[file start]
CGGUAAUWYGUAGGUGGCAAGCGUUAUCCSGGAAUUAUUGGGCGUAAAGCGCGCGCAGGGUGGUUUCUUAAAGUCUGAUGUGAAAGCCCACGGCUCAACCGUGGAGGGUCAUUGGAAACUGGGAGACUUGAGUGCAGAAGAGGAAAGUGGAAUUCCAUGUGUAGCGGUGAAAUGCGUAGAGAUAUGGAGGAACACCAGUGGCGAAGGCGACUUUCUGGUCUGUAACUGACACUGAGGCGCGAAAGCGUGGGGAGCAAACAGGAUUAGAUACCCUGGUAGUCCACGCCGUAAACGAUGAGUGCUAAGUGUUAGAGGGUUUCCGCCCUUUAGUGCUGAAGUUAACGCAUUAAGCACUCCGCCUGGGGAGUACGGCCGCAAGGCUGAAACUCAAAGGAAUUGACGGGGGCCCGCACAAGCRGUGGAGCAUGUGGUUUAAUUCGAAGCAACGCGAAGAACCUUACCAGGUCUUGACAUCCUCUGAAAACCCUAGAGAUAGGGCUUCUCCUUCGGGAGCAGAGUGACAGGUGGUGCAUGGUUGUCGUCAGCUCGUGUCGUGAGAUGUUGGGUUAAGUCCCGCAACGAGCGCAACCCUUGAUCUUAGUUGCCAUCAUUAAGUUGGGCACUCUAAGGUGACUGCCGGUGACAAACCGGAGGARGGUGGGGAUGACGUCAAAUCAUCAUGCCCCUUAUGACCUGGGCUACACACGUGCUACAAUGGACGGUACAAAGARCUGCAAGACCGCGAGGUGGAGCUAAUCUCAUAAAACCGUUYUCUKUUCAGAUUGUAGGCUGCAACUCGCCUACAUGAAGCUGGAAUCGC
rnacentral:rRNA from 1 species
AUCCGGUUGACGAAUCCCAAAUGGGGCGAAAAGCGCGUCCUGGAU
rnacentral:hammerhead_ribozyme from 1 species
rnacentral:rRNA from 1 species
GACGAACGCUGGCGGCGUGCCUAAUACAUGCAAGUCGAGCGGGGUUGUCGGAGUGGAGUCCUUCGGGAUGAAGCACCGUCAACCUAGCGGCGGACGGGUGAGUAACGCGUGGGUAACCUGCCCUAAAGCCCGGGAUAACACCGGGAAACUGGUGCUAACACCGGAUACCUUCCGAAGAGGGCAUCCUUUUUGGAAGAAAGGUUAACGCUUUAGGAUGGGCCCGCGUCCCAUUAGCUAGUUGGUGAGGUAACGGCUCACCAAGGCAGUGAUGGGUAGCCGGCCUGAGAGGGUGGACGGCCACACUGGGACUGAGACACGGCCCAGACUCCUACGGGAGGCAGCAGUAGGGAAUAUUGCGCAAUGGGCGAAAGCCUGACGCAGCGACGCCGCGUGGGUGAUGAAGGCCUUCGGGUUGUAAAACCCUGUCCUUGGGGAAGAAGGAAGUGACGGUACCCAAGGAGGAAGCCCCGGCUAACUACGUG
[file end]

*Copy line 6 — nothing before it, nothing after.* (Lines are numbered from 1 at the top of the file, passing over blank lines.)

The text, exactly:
GACGAACGCUGGCGGCGUGCCUAAUACAUGCAAGUCGAGCGGGGUUGUCGGAGUGGAGUCCUUCGGGAUGAAGCACCGUCAACCUAGCGGCGGACGGGUGAGUAACGCGUGGGUAACCUGCCCUAAAGCCCGGGAUAACACCGGGAAACUGGUGCUAACACCGGAUACCUUCCGAAGAGGGCAUCCUUUUUGGAAGAAAGGUUAACGCUUUAGGAUGGGCCCGCGUCCCAUUAGCUAGUUGGUGAGGUAACGGCUCACCAAGGCAGUGAUGGGUAGCCGGCCUGAGAGGGUGGACGGCCACACUGGGACUGAGACACGGCCCAGACUCCUACGGGAGGCAGCAGUAGGGAAUAUUGCGCAAUGGGCGAAAGCCUGACGCAGCGACGCCGCGUGGGUGAUGAAGGCCUUCGGGUUGUAAAACCCUGUCCUUGGGGAAGAAGGAAGUGACGGUACCCAAGGAGGAAGCCCCGGCUAACUACGUG